I applied for a job today, as a clinical social worker at the large children’s hospital around the corner, the one that lands helicopters 50 yards from our balcony. I didn’t apply in person and the online form was mercifully short and to the point so it wasn’t an option to go on endlessly about my life achievements. I didn’t even have to put in dates- just list some education and work history.
Then I moped around reading a sordid little novel, The Ice Harvest, for a fews hours while waiting to pass away of boredom. The cat, sleeping in her bed 20 hours a day, is leading a more interesting life and I’m sure she isn’t pommeling herself with guilt as she dozes. After I finished that book I considered how miserable I might be if I do go back to work full time and then considered how miserable I’ll be when no one ever calls me about my application.
I decided to get out my resume, or curriculae vitae or whatever one calls it and spruce it up. That has cast me further still into a sea of despair. Frankly, if that resume came across my desk I would think, "Impressive. And what year did you say this person died?" It’s laughable really. I trained with T. Berry Brazelton and Selma Fraiberg but at this point in time, that’s like saying I trained with Sigmund Freud. I’m that old.
The thing is, a year ago, as a fifty-five year old kinda youthful psychotherapist, I was busy and productive, helping people. Thirty times a week, on average, someone came through my office door and we sat down to tackle their psychic aches and pains, often quite successfully. Adolescents and children and adults of all ages and none of them acted as though they were seeing a demented and distracted geriatric has been. If they thought it, they politely kept it to themselves and continued coming. I had a waiting list.
What’s clear to me now is that, towards the end of a career, a person would be well advised to just hunker down until they are really and truly done with their work life because starting over is not attractive. In fact, it’s downright harsh.
I remember being absolutely delighted that both of my children had the same bright and sparkly first grade teacher who was well into her fifties. She had all the very best attributes of experience, knowledge and dedication; she retained enough energy and yet she was pleasantly calm and mellowed and because she had seen it all, my children’s issues were normalized, brought down to size and made manageable. But now, imagine that same matronly woman walking into the board of education front office, presenting herself for a new position. She’s not all that exciting or innovative to look at. You see what I mean here?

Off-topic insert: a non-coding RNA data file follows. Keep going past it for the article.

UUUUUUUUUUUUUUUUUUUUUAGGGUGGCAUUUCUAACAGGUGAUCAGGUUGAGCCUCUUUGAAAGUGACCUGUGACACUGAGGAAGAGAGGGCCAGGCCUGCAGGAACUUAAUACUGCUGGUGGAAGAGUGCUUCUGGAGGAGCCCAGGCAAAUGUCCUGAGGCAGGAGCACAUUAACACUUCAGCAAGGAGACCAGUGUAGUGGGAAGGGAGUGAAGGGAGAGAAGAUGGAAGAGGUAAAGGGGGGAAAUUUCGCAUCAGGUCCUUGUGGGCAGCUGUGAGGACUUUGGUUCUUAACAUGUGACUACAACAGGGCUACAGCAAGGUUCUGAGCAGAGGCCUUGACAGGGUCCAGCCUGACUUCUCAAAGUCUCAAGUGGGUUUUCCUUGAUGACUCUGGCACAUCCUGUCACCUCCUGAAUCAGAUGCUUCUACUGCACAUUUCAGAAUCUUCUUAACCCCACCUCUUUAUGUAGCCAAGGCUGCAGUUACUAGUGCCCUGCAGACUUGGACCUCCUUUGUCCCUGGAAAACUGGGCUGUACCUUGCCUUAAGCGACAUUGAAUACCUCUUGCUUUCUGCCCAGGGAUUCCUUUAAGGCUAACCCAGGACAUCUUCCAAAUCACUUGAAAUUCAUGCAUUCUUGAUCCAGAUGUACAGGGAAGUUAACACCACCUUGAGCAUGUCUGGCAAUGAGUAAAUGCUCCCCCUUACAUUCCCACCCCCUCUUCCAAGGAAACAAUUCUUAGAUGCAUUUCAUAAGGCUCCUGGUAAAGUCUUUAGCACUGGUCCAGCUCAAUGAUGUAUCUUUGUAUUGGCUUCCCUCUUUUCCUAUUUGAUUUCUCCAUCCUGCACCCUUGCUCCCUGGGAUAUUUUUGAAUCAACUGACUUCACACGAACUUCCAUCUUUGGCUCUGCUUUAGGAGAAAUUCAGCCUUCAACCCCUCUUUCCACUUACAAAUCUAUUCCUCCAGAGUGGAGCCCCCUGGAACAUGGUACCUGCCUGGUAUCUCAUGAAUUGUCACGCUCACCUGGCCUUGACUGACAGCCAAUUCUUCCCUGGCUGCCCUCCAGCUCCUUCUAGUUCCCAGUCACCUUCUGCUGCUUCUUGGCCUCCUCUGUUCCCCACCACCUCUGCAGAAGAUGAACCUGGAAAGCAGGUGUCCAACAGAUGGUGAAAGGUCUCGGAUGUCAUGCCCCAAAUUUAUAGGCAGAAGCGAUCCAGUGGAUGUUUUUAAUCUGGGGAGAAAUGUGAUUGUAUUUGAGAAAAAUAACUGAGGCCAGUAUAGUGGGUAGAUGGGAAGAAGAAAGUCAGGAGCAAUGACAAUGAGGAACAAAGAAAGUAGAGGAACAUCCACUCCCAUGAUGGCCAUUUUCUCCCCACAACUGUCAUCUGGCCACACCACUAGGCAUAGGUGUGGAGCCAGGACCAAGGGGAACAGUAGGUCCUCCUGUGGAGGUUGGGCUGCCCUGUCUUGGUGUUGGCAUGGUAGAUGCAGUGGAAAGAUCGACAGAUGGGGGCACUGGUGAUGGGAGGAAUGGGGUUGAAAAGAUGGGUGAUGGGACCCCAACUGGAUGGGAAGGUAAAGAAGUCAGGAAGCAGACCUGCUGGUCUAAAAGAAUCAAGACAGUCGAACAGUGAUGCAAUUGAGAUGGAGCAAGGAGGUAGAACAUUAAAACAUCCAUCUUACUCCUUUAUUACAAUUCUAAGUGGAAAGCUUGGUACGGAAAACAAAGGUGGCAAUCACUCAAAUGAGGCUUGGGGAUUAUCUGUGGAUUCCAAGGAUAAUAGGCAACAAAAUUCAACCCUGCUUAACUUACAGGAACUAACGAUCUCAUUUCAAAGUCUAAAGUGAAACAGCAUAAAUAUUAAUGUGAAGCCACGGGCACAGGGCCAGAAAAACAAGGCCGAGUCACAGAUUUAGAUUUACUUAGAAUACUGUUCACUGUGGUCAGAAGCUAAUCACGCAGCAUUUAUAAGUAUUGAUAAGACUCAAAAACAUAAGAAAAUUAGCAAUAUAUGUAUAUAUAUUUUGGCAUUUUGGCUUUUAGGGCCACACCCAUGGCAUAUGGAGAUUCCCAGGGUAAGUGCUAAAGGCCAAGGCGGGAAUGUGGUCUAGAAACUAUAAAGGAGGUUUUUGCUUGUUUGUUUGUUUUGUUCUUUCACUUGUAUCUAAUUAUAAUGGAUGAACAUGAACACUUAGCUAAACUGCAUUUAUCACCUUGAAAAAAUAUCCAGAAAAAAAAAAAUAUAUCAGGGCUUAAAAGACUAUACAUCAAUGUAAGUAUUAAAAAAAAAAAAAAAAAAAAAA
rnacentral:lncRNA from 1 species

My father was a very successful young business man in the world of marketing and promotions when he started at Ford Tractor in the late 40s. From there he went on to his own marketing agency and his professional life flourished. In the 70’s, when he was in his fifties, the bottom fell out of the economy in Oklahoma and advertising agencies went under daily. His did and in the end, because advertising was a young man’s profession, he worked at a convenience store/gas station. He did it mostly because he couldn’t stand to be idle. I think about that and I feel some significant shame that I’d prefer to sit around and read, knit and garden than go to work doing something that feels beneath me.
I do believe that volunteer effort is a profound force in this country and I would be hard pressed to give up the volunteer work I do now and if I work full time, well, that’s a problem. So is going to Florida. In fact, the likely solution to this midlife crisis (ha! who am I kidding? I would have to live to be 110 and have my face on a jelly jar for this to be midlife.) is to step up my volunteer efforts. St. Vincent de Paul Society world headquarters is also right around the corner and they have numerous outreach programs involving very young children and their parents as well as a large outreach program for the homeless. So I could go over there tomorrow and see what’s up. There’s still the problem of the obsolete resume. And the fluid retention.
Here are some pictures of a small courtyard renovation I did by myself, for what it’s worth. Well, I had the nice immigrants put the stone in, but I did the design and planting and lights and fountain and power washing…It takes exactly 7 minutes to weed and fertilize and deadhead the entire thing. It’s too tidy for my taste but small space eliminates the possibility of a rambly cottage garden. I did manage to incorporate the bleeding heart salvaged from my grandmother’s garden over three decades ago, plus the tulips my sister gave me last year and that big rock is a piece of marble we moved that marked the grave of a most favored cat, Velcro. Sophie likes the fresh dirt. Still, with all modesty, I’ll suggest that it looks as good as the 20,000. courtyard renovation the neighbor had done recently. People here in Chicago have a lot of money and hire a lot of stuff done while they go work at productive professional careers. Dammit.
*It’s not the ending of the world
It’s only the closing of a discotheque
I used to go three times a week
But that was a long long time ago
Yeah, that was a long long time ago
And that roaring that you hear
Is only the blood that circles constantly
No it is not applause my dear
No, that was a long long time ago
That was a long long time ago
Ooh, oh ooh
In between stations I can hear
A million possibilities
It’s only the singing of the stars
That burned out a long long time ago
They burned out a long long time ago (David Byrne)